1. To the chick on the bike who passed me somewhere between miles 5 and 10 who felt the need to tell me to stay on the right. Yes, “sweetie,” as you called me so endearingly. I know I need to stay on the right, but I saw yo’ crazy ass trying to pass me on the right during a bloody turn. Me and Red Rocket are trying to stay together.

2. To the bystander dude just before mile 1 on the run, who shouted “Good Effort!” as I ran by. Good effort?! Dammit I’m a teacher and I can’t think of when those words have passed my lips. You want to know why? Because it’s what you tell someone when they are sucking. I’m straight with the babies in a way that is much less condescending and still honest. This is not a good effort, fool! Don’t you see me winning?! I look great!

3. This is going to get its own post in the coming days. You know, I like life. And I wasn’t sure I was going to have one between the horn and the finish line. So when I crossed it, I was super happy. Shoot, I am still giggling when I think about it. As I retrieved my belongings, my energy was observed by others. Apparently I didn’t leave all I had on the course – otherwise, I wouldn’t be smiling. I wasn’t aware I was supposed to be miserable when it’s all done. I suppose I should have read my training notes more closely. I am just a beginner, after all. Forgive me for racing incorrectly. I promise next time I will be more bitter at the finish line.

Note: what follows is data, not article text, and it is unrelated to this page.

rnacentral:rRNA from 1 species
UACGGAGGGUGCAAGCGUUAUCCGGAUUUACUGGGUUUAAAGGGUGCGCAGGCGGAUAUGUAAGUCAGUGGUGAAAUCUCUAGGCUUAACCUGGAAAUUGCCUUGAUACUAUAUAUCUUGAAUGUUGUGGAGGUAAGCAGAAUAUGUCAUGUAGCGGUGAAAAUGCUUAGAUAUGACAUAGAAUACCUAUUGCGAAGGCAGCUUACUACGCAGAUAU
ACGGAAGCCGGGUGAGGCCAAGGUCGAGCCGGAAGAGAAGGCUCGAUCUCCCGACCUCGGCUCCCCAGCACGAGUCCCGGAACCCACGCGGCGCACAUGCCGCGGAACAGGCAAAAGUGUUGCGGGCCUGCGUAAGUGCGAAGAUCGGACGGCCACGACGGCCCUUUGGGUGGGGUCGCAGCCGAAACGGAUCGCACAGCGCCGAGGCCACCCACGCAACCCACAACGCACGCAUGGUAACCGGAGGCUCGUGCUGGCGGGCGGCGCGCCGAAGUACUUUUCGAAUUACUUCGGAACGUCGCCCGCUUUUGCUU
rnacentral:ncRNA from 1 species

But for now:


If you are not skilled in the art of encouragement, go somewhere and sit down: Part I

Last week, I read an article in Women’s Running Magazine that reminded me of why I prefer to run by myself. I know my natural tendency is toward cynic, so I tried reading it several times looking for the good. While the author hardly states you should quit unless you run an 8 minute mile, I found myself shaking my head at something new each time. I’m just going to quote some of my favorite parts here.